‘No going back’ to racist past, L.A. civic leaders say of post-COVID future
Early in the spring, before the coronavirus shutdowns, Los Angeles County Health Director Barbara Ferrer met with an influential group of philanthropic and civic leaders to foretell the coming crisis.
Members of the group, called the Civic Alliance, saw dire implications for the “low income and marginalized communities of color” that are the focus of their work, said Fred Ali, president and chief executive of the Weingart Foundation.
For the record:
5:42 p.m. Sept. 10, 2020An earlier version of this article said that 18% of Los Angeles County residents are either undocumented or living with a family member who is, disqualifying them for federal coronavirus relief funds. While that is true for the vast majority, there are some who still qualify for the funds.
“Our suspicion was that the impact we were going to see from this crisis was going to be disproportionate on those communities we most care about,” Ali said.
There is no return to a system that over‐policed, over‐incarcerated, and under‐delivered.
— “No Going Back,” a report on racial inequity in Los Angeles
That warning precipitated months of Friday Zoom sessions involving representatives from major nonprofits, public officials and academics from UCLA and USC. Launched with a focus on COVID recovery, their examination grew to embrace everything that ails Los Angeles seen through the lens of racism.
“Going back to the Los Angeles of the past is not progress,” they declare in a report released Wednesday. “We propose dismantling those structures and prioritizing how resources will be directed in order to achieve a more accountable Los Angeles driven by outcomes centered on racial equity.”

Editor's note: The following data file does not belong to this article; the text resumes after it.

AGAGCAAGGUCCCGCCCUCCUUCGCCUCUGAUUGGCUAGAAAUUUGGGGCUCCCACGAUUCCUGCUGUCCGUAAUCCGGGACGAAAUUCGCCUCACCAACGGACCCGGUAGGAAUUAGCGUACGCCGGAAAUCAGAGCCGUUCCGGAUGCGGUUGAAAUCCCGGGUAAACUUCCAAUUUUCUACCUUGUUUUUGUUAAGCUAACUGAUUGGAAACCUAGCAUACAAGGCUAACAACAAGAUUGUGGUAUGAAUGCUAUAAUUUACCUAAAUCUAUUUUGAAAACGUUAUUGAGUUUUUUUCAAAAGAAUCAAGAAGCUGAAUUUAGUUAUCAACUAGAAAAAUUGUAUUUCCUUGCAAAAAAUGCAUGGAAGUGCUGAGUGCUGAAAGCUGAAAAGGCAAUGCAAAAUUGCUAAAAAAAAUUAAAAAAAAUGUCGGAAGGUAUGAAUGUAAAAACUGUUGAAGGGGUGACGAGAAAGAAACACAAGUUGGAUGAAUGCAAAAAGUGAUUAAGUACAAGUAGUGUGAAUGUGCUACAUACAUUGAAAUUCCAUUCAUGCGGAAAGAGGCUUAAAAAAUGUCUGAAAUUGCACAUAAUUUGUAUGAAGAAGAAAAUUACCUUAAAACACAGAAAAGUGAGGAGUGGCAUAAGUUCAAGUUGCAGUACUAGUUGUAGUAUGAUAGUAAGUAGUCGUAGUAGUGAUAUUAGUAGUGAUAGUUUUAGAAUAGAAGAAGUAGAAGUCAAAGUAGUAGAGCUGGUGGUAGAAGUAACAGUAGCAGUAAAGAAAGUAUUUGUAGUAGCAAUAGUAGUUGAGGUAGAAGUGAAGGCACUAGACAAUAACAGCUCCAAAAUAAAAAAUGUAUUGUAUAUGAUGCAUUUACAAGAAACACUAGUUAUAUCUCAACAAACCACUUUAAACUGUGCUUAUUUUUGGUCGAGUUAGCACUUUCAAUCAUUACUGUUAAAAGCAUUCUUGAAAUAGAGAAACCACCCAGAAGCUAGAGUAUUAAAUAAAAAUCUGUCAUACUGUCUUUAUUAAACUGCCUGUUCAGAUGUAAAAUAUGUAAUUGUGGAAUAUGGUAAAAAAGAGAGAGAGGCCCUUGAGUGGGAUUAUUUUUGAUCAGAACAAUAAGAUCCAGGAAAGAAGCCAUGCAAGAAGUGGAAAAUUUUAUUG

The report, a novel-length and heavily footnoted volume called “No Going Back,” is part academic treatise and part manifesto, painting a dark picture of racial and economic inequity and recommending a sweeping overhaul of the systems that it holds responsible.
In 15 chapters, supported by dozens of charts and scores of bullet points, “No Going Back” documents inequities in almost every aspect of public life and offers prescriptions that might have seemed unthinkable only months earlier, before a deadly pandemic and public outrage over the killings of Black people by police forced a rethinking of what was imaginable.
The recommendations range from the generic: “Apply a racial equity lens to all budget decisions,” to the specific and radical: “Lower the voting age to 16” in local elections.
The report proposes increases in public spending on rental assistance, housing construction, mental health and youth services through such measures as statewide single-payer healthcare funding, with subsidies for immigrants who lack legal residency and cash assistance to low-income workers and those who have lost work.
It proposes the formation of a public utility to provide internet access to all and a new centralized regional agency to manage the housing delivery system and hold government agencies responsible for meeting homeless housing targets.